The National Drainage and Irrigation Authority (NDIA) has been spending millions of dollars over the years to buy machinery for the Guyana Sugar Corporation (GuySuCo) without any clearance from the Board of Directors or cabinet, according to the forensic audit conducted last year.
The audit report was published on Friday by the Ministry of Finance and was done by Nigel Hinds and Clement DeNobrega, covering the period November 1, 2011 to May 31, 2015.
In the report, Hinds pointed out that NDIA purchased 10 Hyundai R220 LC excavators valued $295 million and tractors with harrows costing some $198 million for GuySuCo in 2013, amounting to $493 million. According to the auditor, the excavators were on the Asset listing provided by finance staff but they were not described as NDIA property and were registered in the name of GuySuCo.
He further noted that the registrations for the tractors and harrows were not available as those were still with the supplier and were not even on the listing provided. Those tractors were supplied directly to GuySuCo for drainage and tillage.
In addition, he disclosed that one excavator was purchased and registered in the name of Ministry of Public Works at a cost of $27 million but was shown on NDIA Asset Listing.
“There has to be a clear Policy Guideline to inform Finance Staff as to what items of machinery and equipment should be included on its asset listing and reasons why items purchased with NDIA Funds are excluded; instead of having NDIA appearing as a banker for GuySuCo,” Hinds outlined.
According to Hinds, when NDIA was de-linked from the Ministry of Agriculture (MoA) in 2004, it received capital assets upon its establishment as a separate entity. The analysis of the registration documents of machinery revealed that ownership of the machinery NDIA acquired from the ministry was never vested in the authority.
This practice, the auditor said, continued well into 2014 when some 25 excavators procured for NDIA were registered in the name of MoA. He noted that while there were some units that were correctly registered to NDIA, some other machines are described as owned by “MOA & NDIA”.
It was further observed that the 10 excavators that were bought for GuySuCo, are registered as owned by the MoA and are listed as “MOA NDIA Property”. These excavators are listed as located at GuySuCo and the transaction would be dealt with under capital expenditure since it appears as though NDIA acted as a bank to the Sugar Corporation.
The auditor noted that management could not provide any explanation for this irregular practice.
Moreover, it was disclosed that a letter was written by then Deputy Chief Executive Officer (DCEO), R.Singh, to NDIA CEO, Lionel Wordsworth, in June 2013 for the authority to provide short-term financing for 10 Holland Tractors to the tune of $161.9 million. The auditor explained that while this money was repaid on January 3, 2014, NDIA had used funds from its own budget to fund that request and this would have impacted on its plans for the 2013 fiscal year.
In addition to these purchases, Hinds said NDIA also constructed pumping stations valued $146 million based on figures seen in its Capital Expenditure Plan.
“It is still not clear why tractors with harrows used primarily for tillage by GuySuCo would have been purchased by NDIA.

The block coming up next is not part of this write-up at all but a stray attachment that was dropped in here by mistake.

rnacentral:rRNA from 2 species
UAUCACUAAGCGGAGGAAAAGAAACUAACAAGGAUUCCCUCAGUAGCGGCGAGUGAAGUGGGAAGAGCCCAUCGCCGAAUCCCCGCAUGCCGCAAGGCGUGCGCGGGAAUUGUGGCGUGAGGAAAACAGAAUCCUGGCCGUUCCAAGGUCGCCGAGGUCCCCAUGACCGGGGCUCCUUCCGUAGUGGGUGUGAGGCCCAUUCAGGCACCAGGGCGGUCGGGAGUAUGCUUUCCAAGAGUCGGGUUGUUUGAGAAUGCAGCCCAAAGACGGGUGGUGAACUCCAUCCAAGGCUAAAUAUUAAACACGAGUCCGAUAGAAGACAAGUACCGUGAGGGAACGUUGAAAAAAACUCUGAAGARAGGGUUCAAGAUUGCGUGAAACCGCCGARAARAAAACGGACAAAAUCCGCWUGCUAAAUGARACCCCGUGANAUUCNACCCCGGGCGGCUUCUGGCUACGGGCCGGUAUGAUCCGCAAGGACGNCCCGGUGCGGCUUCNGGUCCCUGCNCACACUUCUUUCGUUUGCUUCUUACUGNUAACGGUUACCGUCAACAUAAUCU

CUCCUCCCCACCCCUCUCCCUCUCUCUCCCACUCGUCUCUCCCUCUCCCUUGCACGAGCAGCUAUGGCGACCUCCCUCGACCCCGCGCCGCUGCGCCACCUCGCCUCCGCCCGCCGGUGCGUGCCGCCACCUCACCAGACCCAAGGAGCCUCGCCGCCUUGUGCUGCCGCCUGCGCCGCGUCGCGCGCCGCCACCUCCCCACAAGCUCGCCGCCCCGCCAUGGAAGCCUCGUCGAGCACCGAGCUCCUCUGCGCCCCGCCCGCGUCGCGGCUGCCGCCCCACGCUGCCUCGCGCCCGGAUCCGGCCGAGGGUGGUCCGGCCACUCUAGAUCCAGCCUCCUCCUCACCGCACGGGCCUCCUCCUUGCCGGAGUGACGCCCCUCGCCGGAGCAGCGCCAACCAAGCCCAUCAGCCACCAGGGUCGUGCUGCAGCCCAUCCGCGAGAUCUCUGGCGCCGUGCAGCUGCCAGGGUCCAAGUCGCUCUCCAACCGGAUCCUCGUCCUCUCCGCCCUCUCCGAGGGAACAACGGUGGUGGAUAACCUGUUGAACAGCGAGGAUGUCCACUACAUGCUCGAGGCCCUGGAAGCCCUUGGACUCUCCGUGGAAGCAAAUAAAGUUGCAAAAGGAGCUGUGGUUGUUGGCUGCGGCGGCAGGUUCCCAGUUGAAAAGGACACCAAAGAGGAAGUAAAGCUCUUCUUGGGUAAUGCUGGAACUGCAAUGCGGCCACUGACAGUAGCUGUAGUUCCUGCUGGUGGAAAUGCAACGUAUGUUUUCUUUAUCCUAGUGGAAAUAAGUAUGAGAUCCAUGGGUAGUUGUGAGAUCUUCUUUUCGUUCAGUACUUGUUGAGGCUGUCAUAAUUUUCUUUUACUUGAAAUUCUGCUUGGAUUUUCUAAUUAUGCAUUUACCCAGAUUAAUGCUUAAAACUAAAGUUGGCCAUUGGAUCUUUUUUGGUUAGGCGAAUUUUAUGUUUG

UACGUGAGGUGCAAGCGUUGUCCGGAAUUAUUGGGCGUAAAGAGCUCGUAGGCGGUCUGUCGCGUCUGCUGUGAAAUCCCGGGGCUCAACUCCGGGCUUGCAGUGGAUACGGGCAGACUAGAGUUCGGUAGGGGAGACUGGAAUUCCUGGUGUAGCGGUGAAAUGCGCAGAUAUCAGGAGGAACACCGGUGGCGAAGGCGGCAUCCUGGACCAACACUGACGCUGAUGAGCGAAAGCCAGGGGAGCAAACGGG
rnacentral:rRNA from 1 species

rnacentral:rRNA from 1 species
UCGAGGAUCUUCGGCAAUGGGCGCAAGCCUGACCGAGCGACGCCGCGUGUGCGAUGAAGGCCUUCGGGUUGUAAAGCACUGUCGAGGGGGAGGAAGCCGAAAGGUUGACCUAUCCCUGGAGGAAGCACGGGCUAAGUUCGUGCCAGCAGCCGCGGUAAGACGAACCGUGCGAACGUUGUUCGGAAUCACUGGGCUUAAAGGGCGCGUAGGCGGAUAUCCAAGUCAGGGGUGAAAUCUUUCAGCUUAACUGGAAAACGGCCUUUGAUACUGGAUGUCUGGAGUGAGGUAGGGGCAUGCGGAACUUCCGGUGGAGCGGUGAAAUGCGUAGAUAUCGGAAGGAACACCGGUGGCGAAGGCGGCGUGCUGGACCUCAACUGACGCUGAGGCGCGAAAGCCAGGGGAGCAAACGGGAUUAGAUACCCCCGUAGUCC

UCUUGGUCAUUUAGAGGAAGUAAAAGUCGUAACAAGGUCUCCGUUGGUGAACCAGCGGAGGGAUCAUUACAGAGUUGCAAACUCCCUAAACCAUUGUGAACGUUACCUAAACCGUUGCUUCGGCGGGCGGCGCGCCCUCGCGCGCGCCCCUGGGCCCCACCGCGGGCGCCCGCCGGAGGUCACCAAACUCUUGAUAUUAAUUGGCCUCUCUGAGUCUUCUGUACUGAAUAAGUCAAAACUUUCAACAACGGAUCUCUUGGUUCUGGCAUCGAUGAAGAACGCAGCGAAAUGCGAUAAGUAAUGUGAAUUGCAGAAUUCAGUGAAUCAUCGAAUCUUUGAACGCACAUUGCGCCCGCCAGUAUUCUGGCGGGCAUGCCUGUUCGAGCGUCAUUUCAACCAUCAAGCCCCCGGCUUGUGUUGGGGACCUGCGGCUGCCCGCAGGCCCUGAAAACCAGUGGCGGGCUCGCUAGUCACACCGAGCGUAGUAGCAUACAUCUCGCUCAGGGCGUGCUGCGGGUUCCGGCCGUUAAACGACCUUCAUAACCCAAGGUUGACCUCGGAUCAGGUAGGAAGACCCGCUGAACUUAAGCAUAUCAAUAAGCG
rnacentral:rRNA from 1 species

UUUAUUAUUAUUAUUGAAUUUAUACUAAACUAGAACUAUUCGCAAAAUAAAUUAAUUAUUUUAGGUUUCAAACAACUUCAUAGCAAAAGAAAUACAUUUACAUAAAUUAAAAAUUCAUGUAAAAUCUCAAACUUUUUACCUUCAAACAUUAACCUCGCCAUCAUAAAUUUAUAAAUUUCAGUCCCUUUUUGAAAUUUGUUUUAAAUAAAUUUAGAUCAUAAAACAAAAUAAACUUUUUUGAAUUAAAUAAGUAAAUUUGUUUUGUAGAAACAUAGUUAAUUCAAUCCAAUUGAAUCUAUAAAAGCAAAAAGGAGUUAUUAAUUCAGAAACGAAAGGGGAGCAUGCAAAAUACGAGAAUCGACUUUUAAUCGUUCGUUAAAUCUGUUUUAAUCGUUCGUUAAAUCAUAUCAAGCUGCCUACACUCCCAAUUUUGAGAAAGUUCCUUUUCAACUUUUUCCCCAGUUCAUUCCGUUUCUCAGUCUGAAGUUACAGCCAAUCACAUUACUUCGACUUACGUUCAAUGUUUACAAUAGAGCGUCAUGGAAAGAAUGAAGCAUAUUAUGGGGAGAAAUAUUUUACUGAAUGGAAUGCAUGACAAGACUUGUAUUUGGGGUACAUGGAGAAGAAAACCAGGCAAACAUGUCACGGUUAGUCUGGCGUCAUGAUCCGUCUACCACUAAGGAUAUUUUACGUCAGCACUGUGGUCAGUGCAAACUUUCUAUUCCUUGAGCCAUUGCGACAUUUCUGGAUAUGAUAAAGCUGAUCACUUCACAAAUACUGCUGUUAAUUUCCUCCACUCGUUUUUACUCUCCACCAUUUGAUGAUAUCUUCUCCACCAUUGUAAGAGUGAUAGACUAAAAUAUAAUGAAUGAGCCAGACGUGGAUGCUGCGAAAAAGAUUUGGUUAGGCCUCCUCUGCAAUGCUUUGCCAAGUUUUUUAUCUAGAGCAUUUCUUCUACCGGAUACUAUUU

More importantly there was no evidence from the Board Minutes reviewed that this matter was discussed at the Board level. Even the letter written by Mr. R.Singh, DCEO of GuySuCo was not presented to the Board,” the auditor posited.
On the other hand, Hinds revealed too that NDiA expended over $1.8 billion from both its capital and current budgets during the period 2011 to 2014 on repairs and rehabilitation of machinery without any proper justification as to what the monies were spent on specifically. “No one from management could provide any justification for the level of expenditures on repair works, which was done by contractors… Minutes of the Board Meeting showed members were not told at any point of the massive repair costs or provided with cost reports for discussion and decision making as to the level of expenditures,” the auditor stated.
Hinds noted that in some cases, vague descriptions were written on work orders about the repairs but the invoice values attached were huge. Furthermore, the auditor said Head of the authority’s Mechanical Division, Avinash Singh, had revealed that he was aware of the high costs of repair works on machinery and equipment and agreed that the sums spent did not make financial sense, thus, should be halted immediately
“There were several memos exchanged between the CEO, Mr Lionel Wordsworth and Mr Avinash Singh on this matter but little or no action has been taken to date to address the high repairs costs,” the auditor found.
Furthermore, he outlined that based on contracts examined for the years 2012 to June 2015, which amounted to some $587 million out of $896 million, it was revealed that 93 per cent of the amount spent was on repairs and rehabilitation of machinery and equipment, and the remaining seven per cent on spares and supplies.
According to Hinds, this suggested a preference for external repairs rather than for repairs to be done in house. However, he noted Singh had argued that NDIA was not equipped to handle its own repairs because of the absence of mechanics and other resources.
To this end, contracts to the tune of $547 million were awarded to 52 contractors for repairs and maintenance out of which 72 per cent or $392 million were awarded to eight contractors.